If I were asked to write a one-word review of Journey Around The Sun: A Mayan Odyssey, that word would probably be “wow!” And perhaps followed by another exclamation point or two if space permitted. This new release by Bill Wren and Frank Ralls can best be described as epic on every level – including the concept, song writing, musicianship, arranging, orchestration, and even the packaging and promotion. But let’s begin at the beginning… the concept.
One thing I greatly enjoyed about rock music of the 60’s and 70’s were “concept albums.” Groups like Pink Floyd, The Who, Jethro Tull, The Moody Blues, and others put out records that told a story from beginning to end. Storytelling in this form is all but a lost art form in today’s abbreviated world of sound bites, texting, Twitter, and downloading of mp3 singles, where even full-length CD’s are becoming an endangered species. But lo and behold, Bill and Frank have created a genuine concept album, with a theme that, while ancient, intersects perfectly with the present. The liner notes provide a bit of story narrative, while the music and the listener’s own imagination are best left to fill in the details.
According their press release: “Bill Wren had become fascinated with the Mayan civilization and, in particular their 2012 prophecy. Drawing on his deep respect for the Mayans and their highly advanced ways, Wren envisioned a concept album centered on a voyage of exploration and discovery; Journey Around the Sun was born.” From this seed idea, Bill began, on his own, developing the initial compositions, which he eventually brought to Frank Ralls for development and through extensive collaboration the pair brought the project to fruition. This was not the first time they had worked together, having previously created their debut CD entitled One Day In A Life, which hit #1 on FM new age music radio stations around the US in 2010, and was picked up by Sirius XM satellite radio. The same is true for Journey Around the Sun. Each with their own strengths, there can be no doubt that Bill Wren and Frank Ralls make a formidable creative team, as their music and accomplishments attest to.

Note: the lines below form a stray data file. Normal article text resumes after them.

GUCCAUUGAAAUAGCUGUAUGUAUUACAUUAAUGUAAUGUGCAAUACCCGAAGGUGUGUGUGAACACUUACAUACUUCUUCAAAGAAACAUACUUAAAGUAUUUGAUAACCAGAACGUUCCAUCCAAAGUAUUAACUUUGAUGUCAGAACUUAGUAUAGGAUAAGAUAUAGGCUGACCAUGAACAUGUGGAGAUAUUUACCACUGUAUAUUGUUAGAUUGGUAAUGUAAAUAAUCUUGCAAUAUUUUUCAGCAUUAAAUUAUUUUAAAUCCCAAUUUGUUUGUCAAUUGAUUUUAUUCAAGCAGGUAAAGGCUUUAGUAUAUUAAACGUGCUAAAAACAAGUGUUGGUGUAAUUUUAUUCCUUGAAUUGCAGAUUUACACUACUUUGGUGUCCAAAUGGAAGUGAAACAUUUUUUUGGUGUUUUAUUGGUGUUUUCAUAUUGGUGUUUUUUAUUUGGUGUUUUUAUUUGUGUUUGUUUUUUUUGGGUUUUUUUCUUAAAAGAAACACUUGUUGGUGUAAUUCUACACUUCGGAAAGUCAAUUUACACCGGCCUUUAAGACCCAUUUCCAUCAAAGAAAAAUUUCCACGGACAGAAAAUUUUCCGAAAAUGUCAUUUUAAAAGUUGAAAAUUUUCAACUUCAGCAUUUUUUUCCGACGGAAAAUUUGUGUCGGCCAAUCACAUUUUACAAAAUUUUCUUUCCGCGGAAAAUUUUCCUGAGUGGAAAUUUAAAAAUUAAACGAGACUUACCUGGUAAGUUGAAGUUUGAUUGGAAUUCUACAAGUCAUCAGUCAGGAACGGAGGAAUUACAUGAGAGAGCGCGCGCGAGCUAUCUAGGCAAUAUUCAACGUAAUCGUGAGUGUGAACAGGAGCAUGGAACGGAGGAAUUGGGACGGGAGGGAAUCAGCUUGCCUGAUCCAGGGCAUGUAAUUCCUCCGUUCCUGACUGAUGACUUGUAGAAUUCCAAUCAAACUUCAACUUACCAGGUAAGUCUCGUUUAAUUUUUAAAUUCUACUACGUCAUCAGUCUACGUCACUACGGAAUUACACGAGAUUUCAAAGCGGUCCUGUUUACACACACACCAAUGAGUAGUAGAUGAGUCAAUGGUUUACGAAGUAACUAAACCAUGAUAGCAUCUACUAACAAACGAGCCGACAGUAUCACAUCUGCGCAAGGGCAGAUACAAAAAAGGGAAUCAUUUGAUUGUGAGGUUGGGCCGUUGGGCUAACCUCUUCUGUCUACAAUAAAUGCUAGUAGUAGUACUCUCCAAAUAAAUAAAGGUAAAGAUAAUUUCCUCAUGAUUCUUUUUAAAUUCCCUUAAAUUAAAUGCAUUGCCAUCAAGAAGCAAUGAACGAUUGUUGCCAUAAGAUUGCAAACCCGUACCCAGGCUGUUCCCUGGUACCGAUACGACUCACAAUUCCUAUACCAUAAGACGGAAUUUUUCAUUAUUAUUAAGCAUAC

The odyssey begins with cinematic flair as the curtain rises on a brief intro entitled “Winter Solstice 2012. As might be expected on a concept album, the songs are all connected and segue artfully from one to the next, maintaining a sense of thematic continuity and fostering the feeling of being on a voyage. As we sail into track two, “Between Heaven And Earth,” it starts to become clear, given the level of the orchestration and the diversity of cultural influences, why I chose to describe this music as “epic.” I am also happy to be able to direct the reader to the album’s website, where there are a number of videos that show this music being performed live with an orchestra, as well as an informative behind the scenes interview with Frank talking about the making of the album – an extremely well produced video with graphics that look like a trailer for a major Hollywood film.